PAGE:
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Hoffmann, R. A wiki for the life sciences where authorship matters. Nature Genetics (2008)

Detection of bromine monoxide in a volcanic plume.

The emission of volcanic gases usually precedes eruptive activity, providing both a warning signal and an indication of the nature of the lava soon to be erupted. Additionally, volcanic emissions are a significant source of gases and particles to the atmosphere, influencing tropospheric and stratospheric trace-gas budgets. Despite some halogen species having been measured in volcanic plumes (mainly HCl and HF), little is known about bromine compounds and, in particular, gas-phase reactive bromine species. Such species are especially important in the stratosphere, as reactive bromine-despite being two orders of magnitude less abundant than chlorine-accounts for about one-third of halogen-catalysed ozone depletion. In the troposphere, bromine-catalysed complete ozone destruction has been observed to occur regularly during spring in the polar boundary layers as well as in the troposphere above the Dead Sea basin. Here we report observations of BrO and SO2 abundances in the plume of the Soufrière Hills volcano (Montserrat) in May 2002 by ground-based multi-axis differential optical absorption spectroscopy. Our estimate of BrO emission leads us to conclude that local ozone depletion and small ozone 'holes' may occur in the vicinity of active volcanoes, and that the amount of bromine emitted from volcanoes might be sufficiently large to play a role not only in the stratosphere, but also in tropospheric chemistry.[1]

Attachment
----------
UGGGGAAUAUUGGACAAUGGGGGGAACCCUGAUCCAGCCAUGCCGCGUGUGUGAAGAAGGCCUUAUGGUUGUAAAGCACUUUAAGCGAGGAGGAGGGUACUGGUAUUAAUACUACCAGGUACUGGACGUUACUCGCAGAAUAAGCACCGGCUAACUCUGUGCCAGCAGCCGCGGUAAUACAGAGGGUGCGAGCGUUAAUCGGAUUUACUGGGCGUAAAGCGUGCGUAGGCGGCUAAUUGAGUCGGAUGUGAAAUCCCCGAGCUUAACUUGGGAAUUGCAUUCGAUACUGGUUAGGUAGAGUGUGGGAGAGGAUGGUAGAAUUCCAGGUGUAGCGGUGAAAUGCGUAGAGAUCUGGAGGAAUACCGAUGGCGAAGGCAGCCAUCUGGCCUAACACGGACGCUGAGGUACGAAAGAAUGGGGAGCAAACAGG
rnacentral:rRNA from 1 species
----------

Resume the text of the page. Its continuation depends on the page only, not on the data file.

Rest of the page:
1. Detection of bromine monoxide in a volcanic plume. Bobrowski, N., Hönninger, G., Galle, B., Platt, U. Nature (2003) [Pubmed]
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